|Place of origin||United States|
|Used by||US Army,
World War I
|Weight||2.07 pounds (.94 kg)|
|Length||11.5 inches (292 mm)|
|Barrel length||6 inches (152 mm)|
|Cartridge||.38 Long Colt, .41 Long Colt|
|Action||Double Action revolver|
|Muzzle velocity||770 ft/s (235 m/s)|
|Feed system||6-round cylinder, single-shot|
In 1892 the gun was adopted by the Army in .38 Long Colt caliber, and the revolver was given the appellation New Army and Navy. Initial experience with the gun caused officials to request some improvements. This would be an ongoing condition, resulting in Models 1892, 1894, 1895, 1896, 1901 and 1903, as well as a Model 1905 Marine Corps variant.
The revolver featured a counter-clockwise rotating cylinder, which could be opened for loading and ejection by simply pulling back on a catch mounted on the left side of the frame behind the recoil shield. It was easily manipulated by the thumb of the right hand, and upon release the cylinder could be poked out sideways with the shooter's forefinger. Empty cases were removed by simply pushing back on an ejector rod to activate a star extractor. The six-shooter could then be quickly reloaded and the cylinder clicked back into place.
Sights were the basic rounded front blade and topstrap notch. The finish on all military revolvers was blue, though civilian guns could be had nickeled or with other special finishes and embellishments.
History and usage
The M1892's counter-clockwise cylinder rotation tended to force the cylinder out of alignment with the frame over time, and this was exacerbated by relatively weak lockwork used to time or match individual chambers to the barrel. In 1908, Colt improved and strengthened the lockwork, and changed the cylinder rotation to a clockwise movement.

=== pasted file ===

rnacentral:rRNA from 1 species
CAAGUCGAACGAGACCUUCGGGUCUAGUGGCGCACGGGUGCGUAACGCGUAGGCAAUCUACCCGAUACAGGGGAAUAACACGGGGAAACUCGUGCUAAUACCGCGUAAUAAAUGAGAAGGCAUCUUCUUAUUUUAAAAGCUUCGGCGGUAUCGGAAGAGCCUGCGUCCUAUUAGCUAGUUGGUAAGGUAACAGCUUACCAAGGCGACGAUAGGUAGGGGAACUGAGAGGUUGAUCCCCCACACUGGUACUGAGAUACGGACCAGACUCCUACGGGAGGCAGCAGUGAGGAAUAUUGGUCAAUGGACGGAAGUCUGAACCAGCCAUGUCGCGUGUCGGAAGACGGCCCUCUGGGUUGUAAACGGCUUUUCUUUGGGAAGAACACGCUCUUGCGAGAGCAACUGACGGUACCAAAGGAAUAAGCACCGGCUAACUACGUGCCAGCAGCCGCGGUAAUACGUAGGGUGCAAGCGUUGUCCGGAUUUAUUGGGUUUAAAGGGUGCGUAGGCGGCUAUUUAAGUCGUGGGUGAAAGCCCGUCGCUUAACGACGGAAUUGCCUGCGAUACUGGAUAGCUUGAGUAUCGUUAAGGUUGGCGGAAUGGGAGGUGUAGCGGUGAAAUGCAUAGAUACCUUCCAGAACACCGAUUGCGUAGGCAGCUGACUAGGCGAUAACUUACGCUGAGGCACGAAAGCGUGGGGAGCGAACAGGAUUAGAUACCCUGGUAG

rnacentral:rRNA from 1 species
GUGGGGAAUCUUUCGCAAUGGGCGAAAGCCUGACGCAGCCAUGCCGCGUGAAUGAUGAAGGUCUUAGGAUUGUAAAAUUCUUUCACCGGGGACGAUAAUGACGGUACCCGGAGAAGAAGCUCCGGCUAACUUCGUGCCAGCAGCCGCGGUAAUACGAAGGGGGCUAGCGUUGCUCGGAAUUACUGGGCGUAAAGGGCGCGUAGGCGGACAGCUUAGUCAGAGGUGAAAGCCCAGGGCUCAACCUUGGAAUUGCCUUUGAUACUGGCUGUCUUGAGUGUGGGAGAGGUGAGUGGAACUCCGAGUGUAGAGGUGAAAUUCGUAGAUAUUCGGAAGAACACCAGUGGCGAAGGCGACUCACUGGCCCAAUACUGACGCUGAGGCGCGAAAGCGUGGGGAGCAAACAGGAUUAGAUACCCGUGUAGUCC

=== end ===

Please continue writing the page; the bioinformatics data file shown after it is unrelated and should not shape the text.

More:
A Model 1892 revolver was recovered from the USS Maine after it exploded in Havana Harbor in 1898. It was presented to then-Assistant Secretary of the Navy Theodore Roosevelt, who would later become President of the United States. Roosevelt brandished this pistol to rally his Rough Riders during the famed charge up San Juan Hill on July 1, 1898. This revolver was on display at Sagamore Hill and was stolen from there in 1963, recovered and then stolen again in 1990. It was recovered in 2006 and returned to Sagamore Hill on June 14, 2006.
This revolver was thought of as a decent handgun for its time, but complaints arose from the military concerning the revolver's cartridge chambering. Beginning in 1899, combat reports arose from the Philippines campaign regarding the poor performance of the M1892's .38-caliber ammunition. Specifically, users complained that the .38 bullet repeatedly failed to stop charging enemy tribesmen at close ranges, even when hit multiple times. The complaints caused the U.S. Army to hurriedly issue stocks of .45 caliber revolvers, and played a central role in its decision to replace the M1892 with the .45 Colt M1909 New Service revolver in 1909.
In the rush to furnish arms to the rapidly expanding Navy after the United States entered World War I, surplus stocks of these old Colts were inspected, refurbished as needed and then issued to officers as a substitute standard side arm.
Modifications and variants
During its service life, the M1892 received modifications to the basic design, including cylinder lockwork, the addition (in 1894) of trigger and hammer locks, different barrel markings, the addition of a lanyard ring, and a reduction of bore diameter in an effort to increase accuracy.
Both .38 Special and .357 Magnum will chamber in Colt New Army revolvers, due to the straight walled chambers, however, this should not be done under any circumstances, due to dangerous pressure levels, up to three times what the New Army is designed for.
- Guns of the Old West: An Illustrated ... - Google Books. Books.google.com. 2002-05-21. Retrieved 2011-08-12.
- Sapp, Rick (2007). Standard Catalog of Colt Firearms. F+W Media, Inc,. pp. 96–97. ISBN 978-0-89689-534-8.
- Velleux, David L., U.S. Revolver Models 1889, 1892, 1894, 1895 and 1896
- Saxon, Wolfgang (April 8, 1990). "Theodore Roosevelt's Gun Stolen". New York Times.
- "Roosevelt’s Revolver Stolen 1895 Pistol Returned in New York". FBI. June 2, 2006.
- James, Gary (March 1, 2008). "Colt New Army & Navy Revolver". Handguns Magazine.